District No. 30. The schoolhouse is located on the southeast corner of section 12 and is equipped with a Waterbury furnace. The present frame building was erected in 1888 and is on the same site as the old building. The first school board were Thomas Horan, clerk: John Gammon and James Maxwell. The building was made of logs and build by Wm. Carson. Some of the early teachers were A. L. Phelps, A. F. Chase and Johanna A. Brice. In 1912 the district put in all necessary requirements for a Class A. rural school and received state aid for same. The present teacher is Myrtle M. Sell.

District No. 36. The schoolhouse is pleasantly situated on the northwest corner of section 16 in Norfolk township. The present building was erected in 1885 and is equipped with a heating plant. Before the present schoolhouse was built a few terms of school were held in Mr. Frank Ederer’s dwelling house, Mary O’Neill, being the teacher. The first board were: Frank Ederer, Mike Maloney and Jas. McNealey. The first teacher was Kate Kirwan. Some of the early teachers were Alice Kirwan, Lizzie McHean, Sarah Heaney and Mamie Carr. The present school board are Frank Weyer, director; Joseph Ziller, clerk, and D. G. Avery, treasurer; the latter having been clerk for the past twenty years. The present teacher is Johanna E. Moran.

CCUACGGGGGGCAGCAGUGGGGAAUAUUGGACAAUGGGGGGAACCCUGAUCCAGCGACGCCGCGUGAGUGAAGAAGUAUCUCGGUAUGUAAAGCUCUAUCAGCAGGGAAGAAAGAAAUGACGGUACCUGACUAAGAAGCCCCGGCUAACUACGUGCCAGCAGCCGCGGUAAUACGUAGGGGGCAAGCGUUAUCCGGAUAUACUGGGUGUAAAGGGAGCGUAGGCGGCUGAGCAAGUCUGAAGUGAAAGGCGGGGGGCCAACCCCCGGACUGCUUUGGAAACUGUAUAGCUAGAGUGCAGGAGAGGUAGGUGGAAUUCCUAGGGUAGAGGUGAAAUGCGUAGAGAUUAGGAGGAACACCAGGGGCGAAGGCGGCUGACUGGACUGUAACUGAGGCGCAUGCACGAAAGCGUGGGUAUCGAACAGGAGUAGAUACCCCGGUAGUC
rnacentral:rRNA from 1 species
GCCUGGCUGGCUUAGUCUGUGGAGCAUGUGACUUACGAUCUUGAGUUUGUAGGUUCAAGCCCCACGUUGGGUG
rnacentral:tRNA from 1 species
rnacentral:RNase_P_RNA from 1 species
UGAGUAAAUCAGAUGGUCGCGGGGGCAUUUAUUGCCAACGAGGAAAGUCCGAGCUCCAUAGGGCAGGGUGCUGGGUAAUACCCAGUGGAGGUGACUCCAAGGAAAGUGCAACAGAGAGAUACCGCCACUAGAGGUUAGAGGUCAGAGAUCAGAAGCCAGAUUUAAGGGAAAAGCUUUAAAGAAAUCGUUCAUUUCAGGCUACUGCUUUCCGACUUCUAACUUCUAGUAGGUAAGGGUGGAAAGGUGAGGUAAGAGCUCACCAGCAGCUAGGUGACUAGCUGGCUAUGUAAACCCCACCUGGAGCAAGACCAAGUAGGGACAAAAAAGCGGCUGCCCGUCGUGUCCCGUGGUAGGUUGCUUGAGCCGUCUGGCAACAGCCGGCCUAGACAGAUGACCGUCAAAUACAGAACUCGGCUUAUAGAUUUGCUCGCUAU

District No. 39. The schoolhouse is located on section 12 on the west line near the center of the section of Cairo township and has one-half acre of land. It was erected in 1882 and the district was organized several years before this. However this building was the first one erected. School was opened March, 1882, the first teacher being Anne Clark. The first officers were:  ------Thane, clerk; Charles Dieter, treasurer, and James Drake, director. The early teachers include the following: Mrs. Jane Hanna Maxwell, Zoella Bird, Elizabeth O’Hara. The present teacher is Winnie Nelson. The present officers are Otto Dahlgren, Clerk; Alfred Dickmeyer, treasurer, and Theodore Reinke, director.